A Summer in the Life: Another VISTA Perspective

02 Sep 2021, by Admin in Kitsap Harvest

Kyleigh Humes served as a Summer Associate VISTA at Kitsap Harvest in Bremerton, Washington. She helped further Kitsap’s mission to connect “abundance to need by reducing food waste, nurturing community, and providing equitable access to fresh, locally grown food.” Below, Kyleigh reflects on her summer, the inequities she witnesses as a local from the region, and an especially memorable harvesting experience. 

I grew up in the communities I have served this summer. My Summer Associate experience was a nostalgic one, reminding me of the community that shaped me into the person I am today. I now live in Bainbridge Island, an abundantly wealthy community where my family and I are the outcasts. My goal this summer was to bridge that gap and expand Kitsap Harvests’ program to Bainbridge Island, to obtain more resources, donations, and volunteer power. We now have plenty of donations, but little help for harvesting.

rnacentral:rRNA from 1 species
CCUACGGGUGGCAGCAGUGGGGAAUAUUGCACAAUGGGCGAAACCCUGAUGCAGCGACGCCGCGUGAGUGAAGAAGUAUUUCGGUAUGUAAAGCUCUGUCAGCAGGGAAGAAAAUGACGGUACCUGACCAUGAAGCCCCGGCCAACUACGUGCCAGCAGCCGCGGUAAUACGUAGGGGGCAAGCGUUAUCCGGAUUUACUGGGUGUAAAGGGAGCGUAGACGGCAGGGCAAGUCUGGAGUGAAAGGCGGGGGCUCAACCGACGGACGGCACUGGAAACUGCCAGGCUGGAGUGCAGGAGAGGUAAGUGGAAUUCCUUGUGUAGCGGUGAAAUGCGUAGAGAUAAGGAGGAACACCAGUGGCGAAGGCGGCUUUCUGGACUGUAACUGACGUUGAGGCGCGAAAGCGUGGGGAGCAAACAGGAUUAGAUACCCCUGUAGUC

When I roll through the local grocery store where people know about my Summer VISTA service, everyone asks, “How’s the farm?” I then have to explain to them that I am not typically on farms – contrary to the popular understanding of “harvest,” Kitsap Harvest actually mostly gleans produce from people’s gardens and yards, and only on a few occasions from farmers’ fields. Then the question is, of course, “What is gleaning?” I explain that we harvest the excess produce from homeowners’ abundant gardens, orchards, and fruit trees. People are surprised at this unique option for community service.

Gleaning a farmer’s produce, though, is a special experience. The most memorable harvest for me was at Breidablik Farm. We gleaned a couple hundred pounds of overripe, water balloon-like plums before the farm harvest. I left the plum site with juice stains on my arms, feeling sticky and warm. We also harvested potatoes, carrots, onions, garlic, and berries – so, imagine the dirt sticking to the plum juice. 

The farmer offered to make us lunch and I was quick to accept because this meant I could wash off. This was the only time someone really offered to do such an act this summer. He made hamburgers and potato salad with his dill, coriander, and potatoes from his garden. Talk about farm to table.  Plus at home, I am usually making dinner for my family, so this was a big “dill” to me. It was simple but that meal hit the spot. We harvested for probably four hours, and I know his meal got me through that experience feeling appreciated. 

Food is important to us all, beyond just nourishment for our bodies. This experience allowed me to see our community expand the appreciation of food in exchange for the deepest gratitude for the assistance.